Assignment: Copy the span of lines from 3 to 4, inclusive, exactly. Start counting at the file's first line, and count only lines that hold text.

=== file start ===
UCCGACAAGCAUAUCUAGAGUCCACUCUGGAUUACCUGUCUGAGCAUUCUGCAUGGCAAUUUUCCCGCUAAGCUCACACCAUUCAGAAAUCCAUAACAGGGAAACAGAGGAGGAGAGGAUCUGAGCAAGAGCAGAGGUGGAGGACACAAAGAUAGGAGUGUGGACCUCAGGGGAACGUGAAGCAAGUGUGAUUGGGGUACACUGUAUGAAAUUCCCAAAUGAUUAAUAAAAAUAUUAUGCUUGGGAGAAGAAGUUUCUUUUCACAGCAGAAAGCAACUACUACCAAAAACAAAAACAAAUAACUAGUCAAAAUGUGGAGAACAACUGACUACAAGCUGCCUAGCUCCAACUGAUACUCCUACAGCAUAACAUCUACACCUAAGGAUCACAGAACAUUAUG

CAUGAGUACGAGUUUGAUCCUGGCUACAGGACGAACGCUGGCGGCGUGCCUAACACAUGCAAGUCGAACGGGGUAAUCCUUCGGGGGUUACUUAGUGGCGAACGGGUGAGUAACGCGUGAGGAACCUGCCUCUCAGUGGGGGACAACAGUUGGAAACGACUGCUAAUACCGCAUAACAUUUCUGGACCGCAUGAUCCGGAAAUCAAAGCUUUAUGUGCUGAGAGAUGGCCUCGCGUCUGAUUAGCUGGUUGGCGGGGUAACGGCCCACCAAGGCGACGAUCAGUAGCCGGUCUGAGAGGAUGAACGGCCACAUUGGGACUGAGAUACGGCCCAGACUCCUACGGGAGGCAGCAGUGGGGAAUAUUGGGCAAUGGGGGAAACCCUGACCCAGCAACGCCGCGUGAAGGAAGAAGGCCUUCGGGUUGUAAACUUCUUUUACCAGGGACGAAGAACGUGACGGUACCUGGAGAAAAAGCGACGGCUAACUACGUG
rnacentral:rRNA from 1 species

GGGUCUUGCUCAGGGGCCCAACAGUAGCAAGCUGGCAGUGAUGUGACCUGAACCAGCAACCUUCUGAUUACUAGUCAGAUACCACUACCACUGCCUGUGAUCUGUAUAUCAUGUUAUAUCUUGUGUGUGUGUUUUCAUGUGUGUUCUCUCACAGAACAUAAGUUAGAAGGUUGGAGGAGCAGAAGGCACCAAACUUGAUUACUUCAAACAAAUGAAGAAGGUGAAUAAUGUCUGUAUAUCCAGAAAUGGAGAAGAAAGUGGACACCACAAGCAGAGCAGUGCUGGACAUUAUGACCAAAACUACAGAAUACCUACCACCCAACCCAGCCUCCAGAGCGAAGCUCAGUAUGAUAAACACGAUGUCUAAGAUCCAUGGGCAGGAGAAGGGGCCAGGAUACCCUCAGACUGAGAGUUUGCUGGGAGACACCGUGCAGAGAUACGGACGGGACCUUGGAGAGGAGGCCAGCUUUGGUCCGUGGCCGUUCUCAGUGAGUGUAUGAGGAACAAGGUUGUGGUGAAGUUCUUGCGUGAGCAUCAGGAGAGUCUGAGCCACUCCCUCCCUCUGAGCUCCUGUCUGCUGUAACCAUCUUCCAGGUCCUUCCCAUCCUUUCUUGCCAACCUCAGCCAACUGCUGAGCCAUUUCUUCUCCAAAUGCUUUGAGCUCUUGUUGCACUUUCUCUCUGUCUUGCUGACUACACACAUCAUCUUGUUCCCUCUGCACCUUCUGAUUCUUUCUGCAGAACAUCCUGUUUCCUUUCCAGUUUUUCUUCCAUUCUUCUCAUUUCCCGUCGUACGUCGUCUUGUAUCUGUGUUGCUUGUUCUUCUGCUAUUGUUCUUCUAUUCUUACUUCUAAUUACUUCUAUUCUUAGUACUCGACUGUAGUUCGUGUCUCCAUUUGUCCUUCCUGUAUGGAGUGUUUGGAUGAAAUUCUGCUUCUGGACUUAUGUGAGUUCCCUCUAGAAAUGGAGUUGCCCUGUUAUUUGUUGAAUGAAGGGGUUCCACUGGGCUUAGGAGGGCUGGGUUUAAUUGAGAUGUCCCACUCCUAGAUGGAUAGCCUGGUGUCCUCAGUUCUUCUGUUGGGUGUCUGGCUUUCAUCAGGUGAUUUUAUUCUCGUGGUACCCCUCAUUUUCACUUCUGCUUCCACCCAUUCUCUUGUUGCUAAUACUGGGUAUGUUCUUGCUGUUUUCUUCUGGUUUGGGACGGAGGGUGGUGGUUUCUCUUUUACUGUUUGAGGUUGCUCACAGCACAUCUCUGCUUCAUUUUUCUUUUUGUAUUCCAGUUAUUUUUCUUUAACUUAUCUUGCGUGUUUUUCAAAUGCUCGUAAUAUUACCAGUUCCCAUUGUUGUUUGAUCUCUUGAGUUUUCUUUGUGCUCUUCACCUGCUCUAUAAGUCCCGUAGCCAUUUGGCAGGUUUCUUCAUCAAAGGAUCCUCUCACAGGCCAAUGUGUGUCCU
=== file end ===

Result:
rnacentral:rRNA from 1 species

GGGUCUUGCUCAGGGGCCCAACAGUAGCAAGCUGGCAGUGAUGUGACCUGAACCAGCAACCUUCUGAUUACUAGUCAGAUACCACUACCACUGCCUGUGAUCUGUAUAUCAUGUUAUAUCUUGUGUGUGUGUUUUCAUGUGUGUUCUCUCACAGAACAUAAGUUAGAAGGUUGGAGGAGCAGAAGGCACCAAACUUGAUUACUUCAAACAAAUGAAGAAGGUGAAUAAUGUCUGUAUAUCCAGAAAUGGAGAAGAAAGUGGACACCACAAGCAGAGCAGUGCUGGACAUUAUGACCAAAACUACAGAAUACCUACCACCCAACCCAGCCUCCAGAGCGAAGCUCAGUAUGAUAAACACGAUGUCUAAGAUCCAUGGGCAGGAGAAGGGGCCAGGAUACCCUCAGACUGAGAGUUUGCUGGGAGACACCGUGCAGAGAUACGGACGGGACCUUGGAGAGGAGGCCAGCUUUGGUCCGUGGCCGUUCUCAGUGAGUGUAUGAGGAACAAGGUUGUGGUGAAGUUCUUGCGUGAGCAUCAGGAGAGUCUGAGCCACUCCCUCCCUCUGAGCUCCUGUCUGCUGUAACCAUCUUCCAGGUCCUUCCCAUCCUUUCUUGCCAACCUCAGCCAACUGCUGAGCCAUUUCUUCUCCAAAUGCUUUGAGCUCUUGUUGCACUUUCUCUCUGUCUUGCUGACUACACACAUCAUCUUGUUCCCUCUGCACCUUCUGAUUCUUUCUGCAGAACAUCCUGUUUCCUUUCCAGUUUUUCUUCCAUUCUUCUCAUUUCCCGUCGUACGUCGUCUUGUAUCUGUGUUGCUUGUUCUUCUGCUAUUGUUCUUCUAUUCUUACUUCUAAUUACUUCUAUUCUUAGUACUCGACUGUAGUUCGUGUCUCCAUUUGUCCUUCCUGUAUGGAGUGUUUGGAUGAAAUUCUGCUUCUGGACUUAUGUGAGUUCCCUCUAGAAAUGGAGUUGCCCUGUUAUUUGUUGAAUGAAGGGGUUCCACUGGGCUUAGGAGGGCUGGGUUUAAUUGAGAUGUCCCACUCCUAGAUGGAUAGCCUGGUGUCCUCAGUUCUUCUGUUGGGUGUCUGGCUUUCAUCAGGUGAUUUUAUUCUCGUGGUACCCCUCAUUUUCACUUCUGCUUCCACCCAUUCUCUUGUUGCUAAUACUGGGUAUGUUCUUGCUGUUUUCUUCUGGUUUGGGACGGAGGGUGGUGGUUUCUCUUUUACUGUUUGAGGUUGCUCACAGCACAUCUCUGCUUCAUUUUUCUUUUUGUAUUCCAGUUAUUUUUCUUUAACUUAUCUUGCGUGUUUUUCAAAUGCUCGUAAUAUUACCAGUUCCCAUUGUUGUUUGAUCUCUUGAGUUUUCUUUGUGCUCUUCACCUGCUCUAUAAGUCCCGUAGCCAUUUGGCAGGUUUCUUCAUCAAAGGAUCCUCUCACAGGCCAAUGUGUGUCCU